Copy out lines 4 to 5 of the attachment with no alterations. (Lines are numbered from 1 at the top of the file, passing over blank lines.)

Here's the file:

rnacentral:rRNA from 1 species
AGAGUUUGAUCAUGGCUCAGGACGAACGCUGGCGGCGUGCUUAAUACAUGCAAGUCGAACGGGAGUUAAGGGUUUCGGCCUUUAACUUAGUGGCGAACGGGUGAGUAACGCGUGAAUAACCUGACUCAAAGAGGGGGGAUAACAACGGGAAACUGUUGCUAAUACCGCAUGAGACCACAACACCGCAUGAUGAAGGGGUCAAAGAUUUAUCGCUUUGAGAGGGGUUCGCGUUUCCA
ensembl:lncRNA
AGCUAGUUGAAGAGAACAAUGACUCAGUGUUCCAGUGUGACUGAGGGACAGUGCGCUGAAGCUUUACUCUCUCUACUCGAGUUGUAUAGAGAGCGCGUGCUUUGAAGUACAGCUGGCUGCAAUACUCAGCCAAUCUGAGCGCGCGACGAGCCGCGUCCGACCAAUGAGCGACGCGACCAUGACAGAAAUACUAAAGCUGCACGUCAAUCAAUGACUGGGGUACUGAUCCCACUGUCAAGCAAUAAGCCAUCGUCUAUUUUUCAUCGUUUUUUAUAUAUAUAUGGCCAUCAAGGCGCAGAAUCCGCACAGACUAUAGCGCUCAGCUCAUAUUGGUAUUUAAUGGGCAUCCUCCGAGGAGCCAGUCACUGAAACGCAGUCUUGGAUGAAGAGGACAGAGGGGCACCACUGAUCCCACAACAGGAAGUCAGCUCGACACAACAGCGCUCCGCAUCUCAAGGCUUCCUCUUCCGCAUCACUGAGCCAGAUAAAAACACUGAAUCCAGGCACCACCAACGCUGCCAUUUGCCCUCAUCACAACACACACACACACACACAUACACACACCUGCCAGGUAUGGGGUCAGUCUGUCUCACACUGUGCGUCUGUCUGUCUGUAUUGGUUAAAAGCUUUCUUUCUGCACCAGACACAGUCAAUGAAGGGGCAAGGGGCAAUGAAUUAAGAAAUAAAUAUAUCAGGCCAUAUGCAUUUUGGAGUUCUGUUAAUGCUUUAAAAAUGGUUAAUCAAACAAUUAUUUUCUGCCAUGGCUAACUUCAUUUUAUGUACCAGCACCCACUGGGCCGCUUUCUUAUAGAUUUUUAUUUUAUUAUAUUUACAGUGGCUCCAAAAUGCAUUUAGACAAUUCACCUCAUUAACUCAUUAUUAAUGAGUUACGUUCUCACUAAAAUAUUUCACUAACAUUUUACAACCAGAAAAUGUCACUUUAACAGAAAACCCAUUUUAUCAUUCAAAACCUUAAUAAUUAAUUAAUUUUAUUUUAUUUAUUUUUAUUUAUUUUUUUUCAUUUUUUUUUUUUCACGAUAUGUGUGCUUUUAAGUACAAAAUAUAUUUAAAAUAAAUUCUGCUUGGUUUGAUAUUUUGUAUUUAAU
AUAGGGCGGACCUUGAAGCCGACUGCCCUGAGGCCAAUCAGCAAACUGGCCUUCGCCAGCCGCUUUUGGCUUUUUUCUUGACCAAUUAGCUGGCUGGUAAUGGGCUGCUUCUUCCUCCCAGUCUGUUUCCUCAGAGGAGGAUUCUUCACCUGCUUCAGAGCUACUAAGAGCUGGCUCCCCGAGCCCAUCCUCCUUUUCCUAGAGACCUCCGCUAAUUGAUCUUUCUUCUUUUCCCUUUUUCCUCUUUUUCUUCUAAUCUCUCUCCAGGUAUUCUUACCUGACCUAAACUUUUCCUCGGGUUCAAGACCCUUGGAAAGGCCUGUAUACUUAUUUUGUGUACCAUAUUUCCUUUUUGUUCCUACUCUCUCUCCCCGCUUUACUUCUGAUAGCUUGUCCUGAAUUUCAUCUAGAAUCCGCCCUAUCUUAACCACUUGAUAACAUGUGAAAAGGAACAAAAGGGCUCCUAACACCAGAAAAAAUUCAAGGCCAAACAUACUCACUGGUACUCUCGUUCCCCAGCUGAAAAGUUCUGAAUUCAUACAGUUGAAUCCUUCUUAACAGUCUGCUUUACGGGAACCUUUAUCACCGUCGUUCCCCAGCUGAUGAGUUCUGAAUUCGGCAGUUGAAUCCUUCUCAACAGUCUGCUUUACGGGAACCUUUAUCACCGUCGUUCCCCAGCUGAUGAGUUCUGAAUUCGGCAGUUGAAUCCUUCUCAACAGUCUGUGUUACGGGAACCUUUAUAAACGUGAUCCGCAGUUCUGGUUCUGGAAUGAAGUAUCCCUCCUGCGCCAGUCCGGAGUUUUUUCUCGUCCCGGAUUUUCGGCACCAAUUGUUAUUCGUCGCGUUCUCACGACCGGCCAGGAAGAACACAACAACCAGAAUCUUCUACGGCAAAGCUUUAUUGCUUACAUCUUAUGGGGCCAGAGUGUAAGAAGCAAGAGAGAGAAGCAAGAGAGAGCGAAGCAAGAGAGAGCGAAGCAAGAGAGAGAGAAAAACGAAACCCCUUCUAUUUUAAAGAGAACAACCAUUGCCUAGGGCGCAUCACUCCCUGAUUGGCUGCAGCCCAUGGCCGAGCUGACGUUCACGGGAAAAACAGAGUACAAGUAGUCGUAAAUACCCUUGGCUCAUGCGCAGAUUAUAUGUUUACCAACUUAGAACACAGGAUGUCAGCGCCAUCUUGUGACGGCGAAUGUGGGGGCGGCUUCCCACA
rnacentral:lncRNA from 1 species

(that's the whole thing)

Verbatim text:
AGCUAGUUGAAGAGAACAAUGACUCAGUGUUCCAGUGUGACUGAGGGACAGUGCGCUGAAGCUUUACUCUCUCUACUCGAGUUGUAUAGAGAGCGCGUGCUUUGAAGUACAGCUGGCUGCAAUACUCAGCCAAUCUGAGCGCGCGACGAGCCGCGUCCGACCAAUGAGCGACGCGACCAUGACAGAAAUACUAAAGCUGCACGUCAAUCAAUGACUGGGGUACUGAUCCCACUGUCAAGCAAUAAGCCAUCGUCUAUUUUUCAUCGUUUUUUAUAUAUAUAUGGCCAUCAAGGCGCAGAAUCCGCACAGACUAUAGCGCUCAGCUCAUAUUGGUAUUUAAUGGGCAUCCUCCGAGGAGCCAGUCACUGAAACGCAGUCUUGGAUGAAGAGGACAGAGGGGCACCACUGAUCCCACAACAGGAAGUCAGCUCGACACAACAGCGCUCCGCAUCUCAAGGCUUCCUCUUCCGCAUCACUGAGCCAGAUAAAAACACUGAAUCCAGGCACCACCAACGCUGCCAUUUGCCCUCAUCACAACACACACACACACACACAUACACACACCUGCCAGGUAUGGGGUCAGUCUGUCUCACACUGUGCGUCUGUCUGUCUGUAUUGGUUAAAAGCUUUCUUUCUGCACCAGACACAGUCAAUGAAGGGGCAAGGGGCAAUGAAUUAAGAAAUAAAUAUAUCAGGCCAUAUGCAUUUUGGAGUUCUGUUAAUGCUUUAAAAAUGGUUAAUCAAACAAUUAUUUUCUGCCAUGGCUAACUUCAUUUUAUGUACCAGCACCCACUGGGCCGCUUUCUUAUAGAUUUUUAUUUUAUUAUAUUUACAGUGGCUCCAAAAUGCAUUUAGACAAUUCACCUCAUUAACUCAUUAUUAAUGAGUUACGUUCUCACUAAAAUAUUUCACUAACAUUUUACAACCAGAAAAUGUCACUUUAACAGAAAACCCAUUUUAUCAUUCAAAACCUUAAUAAUUAAUUAAUUUUAUUUUAUUUAUUUUUAUUUAUUUUUUUUCAUUUUUUUUUUUUCACGAUAUGUGUGCUUUUAAGUACAAAAUAUAUUUAAAAUAAAUUCUGCUUGGUUUGAUAUUUUGUAUUUAAU
AUAGGGCGGACCUUGAAGCCGACUGCCCUGAGGCCAAUCAGCAAACUGGCCUUCGCCAGCCGCUUUUGGCUUUUUUCUUGACCAAUUAGCUGGCUGGUAAUGGGCUGCUUCUUCCUCCCAGUCUGUUUCCUCAGAGGAGGAUUCUUCACCUGCUUCAGAGCUACUAAGAGCUGGCUCCCCGAGCCCAUCCUCCUUUUCCUAGAGACCUCCGCUAAUUGAUCUUUCUUCUUUUCCCUUUUUCCUCUUUUUCUUCUAAUCUCUCUCCAGGUAUUCUUACCUGACCUAAACUUUUCCUCGGGUUCAAGACCCUUGGAAAGGCCUGUAUACUUAUUUUGUGUACCAUAUUUCCUUUUUGUUCCUACUCUCUCUCCCCGCUUUACUUCUGAUAGCUUGUCCUGAAUUUCAUCUAGAAUCCGCCCUAUCUUAACCACUUGAUAACAUGUGAAAAGGAACAAAAGGGCUCCUAACACCAGAAAAAAUUCAAGGCCAAACAUACUCACUGGUACUCUCGUUCCCCAGCUGAAAAGUUCUGAAUUCAUACAGUUGAAUCCUUCUUAACAGUCUGCUUUACGGGAACCUUUAUCACCGUCGUUCCCCAGCUGAUGAGUUCUGAAUUCGGCAGUUGAAUCCUUCUCAACAGUCUGCUUUACGGGAACCUUUAUCACCGUCGUUCCCCAGCUGAUGAGUUCUGAAUUCGGCAGUUGAAUCCUUCUCAACAGUCUGUGUUACGGGAACCUUUAUAAACGUGAUCCGCAGUUCUGGUUCUGGAAUGAAGUAUCCCUCCUGCGCCAGUCCGGAGUUUUUUCUCGUCCCGGAUUUUCGGCACCAAUUGUUAUUCGUCGCGUUCUCACGACCGGCCAGGAAGAACACAACAACCAGAAUCUUCUACGGCAAAGCUUUAUUGCUUACAUCUUAUGGGGCCAGAGUGUAAGAAGCAAGAGAGAGAAGCAAGAGAGAGCGAAGCAAGAGAGAGCGAAGCAAGAGAGAGAGAAAAACGAAACCCCUUCUAUUUUAAAGAGAACAACCAUUGCCUAGGGCGCAUCACUCCCUGAUUGGCUGCAGCCCAUGGCCGAGCUGACGUUCACGGGAAAAACAGAGUACAAGUAGUCGUAAAUACCCUUGGCUCAUGCGCAGAUUAUAUGUUUACCAACUUAGAACACAGGAUGUCAGCGCCAUCUUGUGACGGCGAAUGUGGGGGCGGCUUCCCACA